Crypto · Investing

A different buy: Crypto Coin – Ripple

As you have seen on different blogs, a part of the community has jumped on the crypto-bandwagon. I have been interested in crypto currencies for multiple years, actually owning a mining rig for a few months to mine LTC (Litecoin). Unfortantely I did not have the foresight to just buy bitcoins when they were cheap but my interests in the subject never wavered.

After reading the blog of Investmunt Hunting on his purchases I was triggered again to do something with my ongoing interests. So after some investigating I decided to buy into the Ripple coin.

Ripple’s website describes the opensource protocol as “basic infrastructure technology for interbank transactions – a neutral utility for financial institutions and systems.” And it already has the attention of large parts of the financial and banking world.

The protocol allows banks and non-bank financial services companies to incorporate the Ripple protocol into their own systems, and therefore allow their customers to use the service. Currently, Ripple requires two parties for a transaction to occur: first, a regulated financial institution “holds funds and issues balances on behalf of customers.” Second, “market makers” such as hedge funds or currency trading desks provide liquidity in the currency they want to trade in. At its core, Ripple is based around a shared, public database or ledger that has its contents decided on by consensus. In addition to balances, the ledger holds information about offers to buy or sell currencies and assets, creating the first distributed exchange. The consensus process allows for payments, exchanges and remittance in a distributed process. According to the CGAP in 2015, “Ripple does for payments what SMTP did for email, which is enable the systems of different financial institutions to communicate directly.”


Market capitalization overview:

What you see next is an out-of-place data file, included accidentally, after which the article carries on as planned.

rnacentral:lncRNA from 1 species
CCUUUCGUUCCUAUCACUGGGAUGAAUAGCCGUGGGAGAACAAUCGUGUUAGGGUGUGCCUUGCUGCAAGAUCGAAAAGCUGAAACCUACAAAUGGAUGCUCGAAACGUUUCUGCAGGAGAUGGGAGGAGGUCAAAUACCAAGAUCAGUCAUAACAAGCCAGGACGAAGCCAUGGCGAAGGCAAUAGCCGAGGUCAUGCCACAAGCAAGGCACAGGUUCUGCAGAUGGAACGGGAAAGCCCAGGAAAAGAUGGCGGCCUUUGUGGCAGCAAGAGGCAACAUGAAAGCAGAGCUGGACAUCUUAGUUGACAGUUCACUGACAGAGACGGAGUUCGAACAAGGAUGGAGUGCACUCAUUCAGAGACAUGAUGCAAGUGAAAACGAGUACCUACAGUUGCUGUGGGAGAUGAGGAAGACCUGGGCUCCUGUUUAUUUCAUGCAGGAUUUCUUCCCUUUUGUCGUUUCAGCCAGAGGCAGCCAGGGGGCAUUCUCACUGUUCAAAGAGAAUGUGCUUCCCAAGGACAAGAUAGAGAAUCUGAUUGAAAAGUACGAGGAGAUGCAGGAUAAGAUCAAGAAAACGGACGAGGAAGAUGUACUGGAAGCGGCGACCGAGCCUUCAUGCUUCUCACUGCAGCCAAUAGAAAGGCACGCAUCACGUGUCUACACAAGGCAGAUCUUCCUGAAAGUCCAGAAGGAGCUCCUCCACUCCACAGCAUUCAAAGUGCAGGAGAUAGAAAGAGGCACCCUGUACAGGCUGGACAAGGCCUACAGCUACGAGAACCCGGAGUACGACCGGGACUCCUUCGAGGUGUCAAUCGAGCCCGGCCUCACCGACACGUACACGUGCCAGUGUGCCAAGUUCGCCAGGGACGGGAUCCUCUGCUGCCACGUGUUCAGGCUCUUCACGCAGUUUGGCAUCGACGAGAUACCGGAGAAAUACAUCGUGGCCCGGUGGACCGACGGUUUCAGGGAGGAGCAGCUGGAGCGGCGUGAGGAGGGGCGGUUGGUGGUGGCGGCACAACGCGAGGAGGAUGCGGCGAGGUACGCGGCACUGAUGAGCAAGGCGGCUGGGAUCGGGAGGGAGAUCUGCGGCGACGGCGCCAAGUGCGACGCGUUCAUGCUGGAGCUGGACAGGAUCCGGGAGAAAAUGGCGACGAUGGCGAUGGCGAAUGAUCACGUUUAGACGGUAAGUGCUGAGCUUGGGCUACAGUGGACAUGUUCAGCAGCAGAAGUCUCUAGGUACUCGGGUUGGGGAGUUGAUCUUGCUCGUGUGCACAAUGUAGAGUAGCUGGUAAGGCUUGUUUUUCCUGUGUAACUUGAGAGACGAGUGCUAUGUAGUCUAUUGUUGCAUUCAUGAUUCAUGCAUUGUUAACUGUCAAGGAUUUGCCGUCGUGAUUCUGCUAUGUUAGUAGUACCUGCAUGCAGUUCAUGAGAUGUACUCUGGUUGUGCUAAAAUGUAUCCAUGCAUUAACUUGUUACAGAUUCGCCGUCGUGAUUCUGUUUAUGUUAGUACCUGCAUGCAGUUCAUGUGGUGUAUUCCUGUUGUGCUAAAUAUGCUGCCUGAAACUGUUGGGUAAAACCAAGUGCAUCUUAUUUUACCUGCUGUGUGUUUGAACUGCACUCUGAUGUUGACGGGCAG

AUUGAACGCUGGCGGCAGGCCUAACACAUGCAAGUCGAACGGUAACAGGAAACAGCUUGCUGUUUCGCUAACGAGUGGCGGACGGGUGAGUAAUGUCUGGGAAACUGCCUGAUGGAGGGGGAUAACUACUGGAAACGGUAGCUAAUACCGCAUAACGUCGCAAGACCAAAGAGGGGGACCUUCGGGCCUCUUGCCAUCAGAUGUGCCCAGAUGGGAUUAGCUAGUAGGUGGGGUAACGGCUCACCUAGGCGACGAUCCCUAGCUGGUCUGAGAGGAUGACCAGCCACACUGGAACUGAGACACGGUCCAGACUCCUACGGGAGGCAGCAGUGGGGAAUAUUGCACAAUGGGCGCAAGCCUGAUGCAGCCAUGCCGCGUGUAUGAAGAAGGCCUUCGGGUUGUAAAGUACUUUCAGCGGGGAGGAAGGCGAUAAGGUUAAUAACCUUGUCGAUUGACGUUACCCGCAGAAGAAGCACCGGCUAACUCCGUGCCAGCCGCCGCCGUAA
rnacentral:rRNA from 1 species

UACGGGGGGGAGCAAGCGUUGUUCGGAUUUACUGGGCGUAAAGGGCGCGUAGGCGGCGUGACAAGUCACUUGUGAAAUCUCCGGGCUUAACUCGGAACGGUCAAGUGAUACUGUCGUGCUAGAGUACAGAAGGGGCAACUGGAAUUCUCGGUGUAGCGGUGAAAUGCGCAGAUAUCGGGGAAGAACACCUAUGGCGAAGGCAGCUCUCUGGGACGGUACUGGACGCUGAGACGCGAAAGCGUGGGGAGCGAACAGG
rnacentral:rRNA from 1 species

As of April 2017, members of the network known as the Global Payments Steering Group (GPSG) are Bank of America Merrill Lynch, Canadian Imperial Bank of Commerce, Mitsubishi UFJ Financial Group, Royal Bank of Canada, Santander, Standard Chartered, UniCredit and Westpac Banking Corporation. The group will “oversee the creation and maintenance of Ripple payment transaction rules, formalized standards for activity using Ripple, and other actions to support the implementation of Ripple payment capabilities.”

15 of the 50 largest banks in the world are already testing with the Ripple Network and it has received investment capital from Google Ventures, China Growth Capital and other like Standard Chartered, Accenture Ventures, SCB Digital Ventures, and SBI Holdings.

So what did I do? I opened an account at an online trader and bought €500,- worth of Ripple Coins (XRP). I received (minus the fees) about 2641 coins at a price of €0,189. Part of what interested me on this coin was the relatively low valuation of the coin similar to the early days of Bitcoin.

So is this an investment or a gamble? I think it is a bit of both to be honest. Technically it is an value investment since I hope that the coin will steadily grow in value so I can make a healthy profit when the coins hits $1 (or maybe $15? :)) and I sell them. But with the volatility (in 1 week + 40% and now -12%) of the crypto currencies this is a lot more of a gamble then my dividend stocks.

So anyone else decided to start buying crypto currencies?